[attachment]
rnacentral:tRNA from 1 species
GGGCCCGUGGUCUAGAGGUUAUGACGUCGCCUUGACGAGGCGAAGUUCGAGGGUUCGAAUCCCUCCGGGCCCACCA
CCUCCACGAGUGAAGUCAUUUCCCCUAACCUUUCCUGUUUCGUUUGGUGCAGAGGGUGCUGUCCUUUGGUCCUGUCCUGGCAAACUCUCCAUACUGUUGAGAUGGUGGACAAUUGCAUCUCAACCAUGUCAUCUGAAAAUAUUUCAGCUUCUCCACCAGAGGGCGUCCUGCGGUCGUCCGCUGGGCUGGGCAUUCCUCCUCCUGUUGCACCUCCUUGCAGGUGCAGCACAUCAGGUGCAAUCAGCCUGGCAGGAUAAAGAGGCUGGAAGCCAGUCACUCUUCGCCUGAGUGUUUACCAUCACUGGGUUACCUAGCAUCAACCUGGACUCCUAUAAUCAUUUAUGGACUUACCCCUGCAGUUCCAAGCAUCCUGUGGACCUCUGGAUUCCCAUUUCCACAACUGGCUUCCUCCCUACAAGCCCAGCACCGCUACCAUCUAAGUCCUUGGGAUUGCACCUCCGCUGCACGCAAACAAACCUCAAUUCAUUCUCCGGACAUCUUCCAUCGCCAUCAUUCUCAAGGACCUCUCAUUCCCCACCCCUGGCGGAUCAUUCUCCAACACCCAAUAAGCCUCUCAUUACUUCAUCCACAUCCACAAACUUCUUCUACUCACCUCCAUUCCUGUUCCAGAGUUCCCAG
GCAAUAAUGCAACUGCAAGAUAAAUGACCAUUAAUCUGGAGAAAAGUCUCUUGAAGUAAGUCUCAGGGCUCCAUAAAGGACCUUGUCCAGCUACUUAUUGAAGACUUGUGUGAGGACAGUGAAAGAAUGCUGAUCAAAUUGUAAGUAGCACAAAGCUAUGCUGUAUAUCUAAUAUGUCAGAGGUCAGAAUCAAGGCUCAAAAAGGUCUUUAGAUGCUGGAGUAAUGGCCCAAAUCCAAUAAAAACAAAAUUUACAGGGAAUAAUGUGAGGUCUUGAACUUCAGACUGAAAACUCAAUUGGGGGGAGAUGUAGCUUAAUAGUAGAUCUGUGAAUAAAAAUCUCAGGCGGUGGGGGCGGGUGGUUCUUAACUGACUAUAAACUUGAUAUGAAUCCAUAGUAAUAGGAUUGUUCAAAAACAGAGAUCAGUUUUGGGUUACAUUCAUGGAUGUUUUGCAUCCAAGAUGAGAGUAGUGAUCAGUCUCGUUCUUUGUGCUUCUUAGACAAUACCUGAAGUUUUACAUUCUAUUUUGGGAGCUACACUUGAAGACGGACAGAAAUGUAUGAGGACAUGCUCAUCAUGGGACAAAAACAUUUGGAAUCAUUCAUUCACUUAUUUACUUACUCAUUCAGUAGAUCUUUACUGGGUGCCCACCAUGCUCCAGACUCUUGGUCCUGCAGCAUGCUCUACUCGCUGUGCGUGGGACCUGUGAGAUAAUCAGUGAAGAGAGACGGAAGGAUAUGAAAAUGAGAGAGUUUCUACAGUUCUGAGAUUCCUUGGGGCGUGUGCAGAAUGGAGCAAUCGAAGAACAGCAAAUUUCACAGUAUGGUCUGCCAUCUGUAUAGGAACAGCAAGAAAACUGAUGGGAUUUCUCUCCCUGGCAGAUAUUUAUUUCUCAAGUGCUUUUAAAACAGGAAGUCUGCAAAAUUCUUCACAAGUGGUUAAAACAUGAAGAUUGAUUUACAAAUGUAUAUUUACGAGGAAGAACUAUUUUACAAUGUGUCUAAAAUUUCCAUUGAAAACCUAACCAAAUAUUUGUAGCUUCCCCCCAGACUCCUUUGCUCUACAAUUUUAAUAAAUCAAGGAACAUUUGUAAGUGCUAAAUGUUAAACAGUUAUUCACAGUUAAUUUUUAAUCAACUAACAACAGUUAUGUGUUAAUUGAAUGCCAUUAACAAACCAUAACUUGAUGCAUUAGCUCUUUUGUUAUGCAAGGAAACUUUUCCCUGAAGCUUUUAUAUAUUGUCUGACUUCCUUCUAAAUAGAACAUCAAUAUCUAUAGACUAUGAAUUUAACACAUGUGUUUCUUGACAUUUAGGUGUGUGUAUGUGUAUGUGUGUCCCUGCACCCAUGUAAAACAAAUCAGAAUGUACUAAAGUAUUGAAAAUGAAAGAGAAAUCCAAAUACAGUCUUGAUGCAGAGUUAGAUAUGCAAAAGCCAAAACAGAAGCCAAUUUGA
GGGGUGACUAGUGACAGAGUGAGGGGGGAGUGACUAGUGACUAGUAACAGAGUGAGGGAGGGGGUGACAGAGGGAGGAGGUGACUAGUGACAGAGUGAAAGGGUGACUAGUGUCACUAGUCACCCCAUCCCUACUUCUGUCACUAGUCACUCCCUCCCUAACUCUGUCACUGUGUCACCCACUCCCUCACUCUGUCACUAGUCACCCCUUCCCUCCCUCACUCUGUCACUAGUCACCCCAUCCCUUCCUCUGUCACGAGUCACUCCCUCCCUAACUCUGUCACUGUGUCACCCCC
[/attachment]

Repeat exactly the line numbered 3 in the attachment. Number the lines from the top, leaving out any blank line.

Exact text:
CCUCCACGAGUGAAGUCAUUUCCCCUAACCUUUCCUGUUUCGUUUGGUGCAGAGGGUGCUGUCCUUUGGUCCUGUCCUGGCAAACUCUCCAUACUGUUGAGAUGGUGGACAAUUGCAUCUCAACCAUGUCAUCUGAAAAUAUUUCAGCUUCUCCACCAGAGGGCGUCCUGCGGUCGUCCGCUGGGCUGGGCAUUCCUCCUCCUGUUGCACCUCCUUGCAGGUGCAGCACAUCAGGUGCAAUCAGCCUGGCAGGAUAAAGAGGCUGGAAGCCAGUCACUCUUCGCCUGAGUGUUUACCAUCACUGGGUUACCUAGCAUCAACCUGGACUCCUAUAAUCAUUUAUGGACUUACCCCUGCAGUUCCAAGCAUCCUGUGGACCUCUGGAUUCCCAUUUCCACAACUGGCUUCCUCCCUACAAGCCCAGCACCGCUACCAUCUAAGUCCUUGGGAUUGCACCUCCGCUGCACGCAAACAAACCUCAAUUCAUUCUCCGGACAUCUUCCAUCGCCAUCAUUCUCAAGGACCUCUCAUUCCCCACCCCUGGCGGAUCAUUCUCCAACACCCAAUAAGCCUCUCAUUACUUCAUCCACAUCCACAAACUUCUUCUACUCACCUCCAUUCCUGUUCCAGAGUUCCCAG